After a brief chat, the friends agree to meet at a waypoint marker on Vespucci Boulevard. Like traditional single player GTA, you can place markers for meet ups or key locations. A Vapid Dominator pulls up (we can see it winding through the streets on a screen to our left), and he jumps in. "What's this?" one character asks, as Waylon Jennings plays on the radio. The passenger can change channels, acting as in-car DJ.

The duo agrees to hold up a gas station. "Masks on, yeah", one character says, before cycling through the Interaction Menu where you can select glasses, hats, masks etc. The masks are more than cosmetic: ditch it after the hold up, and you'll lose a wanted star. He dons a gorilla mask and bursts into the store. "Put the money in the bag. This is a stick up! Come on! Quicker!" At first we suspect the shouting is for our benefit, but AI characters will react to the urgency in your voice, stuffing money more quickly in the bag.

The police arrive as the duo dash to their getaway car with a two star wanted level. Police cars have a 'cone of detection' visible on the radar and you need to stay out of their sight for a number of seconds - or simply out-distance them - to lose the wanted level. After a heated pursuit, sirens melting into ambient traffic, the duo escapes. Whoever does the job gets the cash and can choose how much to share: a sure-fire source of arguments. "I'll give you a little more, it's OK", he says.

They head to a character's apartment, with a high-end ground floor garage with space for 10 customised cars. Like single player, car modding is extensive, but don't fear losing your cherished vehicles. You can take out insurance and ring for a replacement car if yours get destroyed. Your custom cars show as markers on the map and get impounded if you leave them too long. Simply pay to retrieve them.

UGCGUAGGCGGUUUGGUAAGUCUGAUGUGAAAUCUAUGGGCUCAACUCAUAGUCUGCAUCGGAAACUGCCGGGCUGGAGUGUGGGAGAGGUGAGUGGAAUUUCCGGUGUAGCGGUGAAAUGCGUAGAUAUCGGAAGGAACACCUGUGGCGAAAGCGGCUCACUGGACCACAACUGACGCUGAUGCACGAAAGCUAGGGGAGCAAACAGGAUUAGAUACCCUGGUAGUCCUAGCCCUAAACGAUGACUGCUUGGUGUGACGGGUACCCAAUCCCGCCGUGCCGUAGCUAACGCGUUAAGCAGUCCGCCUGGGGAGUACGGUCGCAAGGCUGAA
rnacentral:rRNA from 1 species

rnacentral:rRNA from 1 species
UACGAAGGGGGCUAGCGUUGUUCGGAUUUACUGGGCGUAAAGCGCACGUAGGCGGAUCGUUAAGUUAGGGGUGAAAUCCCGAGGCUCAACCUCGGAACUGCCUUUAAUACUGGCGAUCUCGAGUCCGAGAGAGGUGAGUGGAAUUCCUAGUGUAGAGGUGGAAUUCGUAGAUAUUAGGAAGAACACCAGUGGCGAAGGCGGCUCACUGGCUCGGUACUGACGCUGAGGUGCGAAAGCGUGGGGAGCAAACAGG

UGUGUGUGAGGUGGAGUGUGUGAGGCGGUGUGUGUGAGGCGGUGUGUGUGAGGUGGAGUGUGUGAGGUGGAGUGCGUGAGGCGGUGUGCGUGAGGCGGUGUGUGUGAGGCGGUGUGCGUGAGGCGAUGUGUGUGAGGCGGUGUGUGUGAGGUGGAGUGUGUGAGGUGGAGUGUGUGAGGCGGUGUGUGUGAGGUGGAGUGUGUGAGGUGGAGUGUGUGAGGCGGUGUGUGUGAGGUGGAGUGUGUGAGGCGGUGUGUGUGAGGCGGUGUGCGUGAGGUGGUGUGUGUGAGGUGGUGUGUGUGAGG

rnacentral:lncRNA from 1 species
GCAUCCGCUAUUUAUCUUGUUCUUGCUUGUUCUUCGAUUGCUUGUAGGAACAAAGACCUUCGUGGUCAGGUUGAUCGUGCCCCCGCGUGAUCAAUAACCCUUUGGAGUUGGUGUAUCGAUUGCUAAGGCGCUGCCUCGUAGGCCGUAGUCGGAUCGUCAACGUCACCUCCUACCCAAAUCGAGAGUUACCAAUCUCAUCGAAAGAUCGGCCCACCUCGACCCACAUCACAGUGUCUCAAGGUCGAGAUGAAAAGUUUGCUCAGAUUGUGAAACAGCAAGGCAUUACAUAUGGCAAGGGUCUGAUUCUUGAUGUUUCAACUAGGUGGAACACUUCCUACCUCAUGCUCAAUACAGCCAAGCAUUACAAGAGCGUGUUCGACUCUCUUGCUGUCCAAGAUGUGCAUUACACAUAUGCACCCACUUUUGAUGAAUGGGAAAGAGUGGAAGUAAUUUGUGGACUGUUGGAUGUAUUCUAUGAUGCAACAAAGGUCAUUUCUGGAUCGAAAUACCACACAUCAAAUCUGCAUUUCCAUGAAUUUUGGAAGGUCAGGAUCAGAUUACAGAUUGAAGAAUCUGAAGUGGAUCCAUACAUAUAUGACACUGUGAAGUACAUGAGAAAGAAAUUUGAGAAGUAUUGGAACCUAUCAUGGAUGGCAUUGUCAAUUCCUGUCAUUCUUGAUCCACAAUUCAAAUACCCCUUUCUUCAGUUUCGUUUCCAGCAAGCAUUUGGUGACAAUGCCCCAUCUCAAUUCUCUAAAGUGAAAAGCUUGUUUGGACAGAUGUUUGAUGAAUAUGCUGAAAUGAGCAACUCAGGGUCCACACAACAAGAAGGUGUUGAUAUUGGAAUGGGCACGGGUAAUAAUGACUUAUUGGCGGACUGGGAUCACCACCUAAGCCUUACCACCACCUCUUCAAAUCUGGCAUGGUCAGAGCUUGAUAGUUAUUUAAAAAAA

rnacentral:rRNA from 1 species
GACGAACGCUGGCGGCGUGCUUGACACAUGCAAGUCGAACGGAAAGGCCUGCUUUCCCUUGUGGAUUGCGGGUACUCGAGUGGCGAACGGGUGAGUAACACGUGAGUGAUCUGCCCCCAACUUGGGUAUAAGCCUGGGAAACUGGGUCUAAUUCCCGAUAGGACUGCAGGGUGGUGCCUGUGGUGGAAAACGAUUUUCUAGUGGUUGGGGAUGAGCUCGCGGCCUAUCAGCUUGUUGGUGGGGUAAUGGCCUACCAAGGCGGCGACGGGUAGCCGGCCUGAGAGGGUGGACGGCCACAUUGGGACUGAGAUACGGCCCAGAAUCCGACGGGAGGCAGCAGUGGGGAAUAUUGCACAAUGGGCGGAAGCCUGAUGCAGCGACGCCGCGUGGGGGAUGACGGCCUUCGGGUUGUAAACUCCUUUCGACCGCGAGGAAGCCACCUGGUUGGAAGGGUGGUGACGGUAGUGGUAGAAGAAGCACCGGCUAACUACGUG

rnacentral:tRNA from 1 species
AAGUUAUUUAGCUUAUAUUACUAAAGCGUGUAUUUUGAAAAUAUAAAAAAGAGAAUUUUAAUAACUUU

The garage looks like a minimalist, gleaming white Apple showroom. You can pay a personal mechanic to fix your cars automatically, or deliver them to any location. As you ogle your motors, you can see their stats for speed, handling etc, before making your choice. We're ready for an impromptu street race through the Vinewood (GTAV's Hollywood) streets at night.

You can set the race marker where you like, and the action unfolds like Midnight Club. At one stage, a car flies past us at a junction being pursued by the police - another human player in trouble, since you exist in the same world. Winning the race nets a modest $80, logging your times to the Social Club and boosting your RP.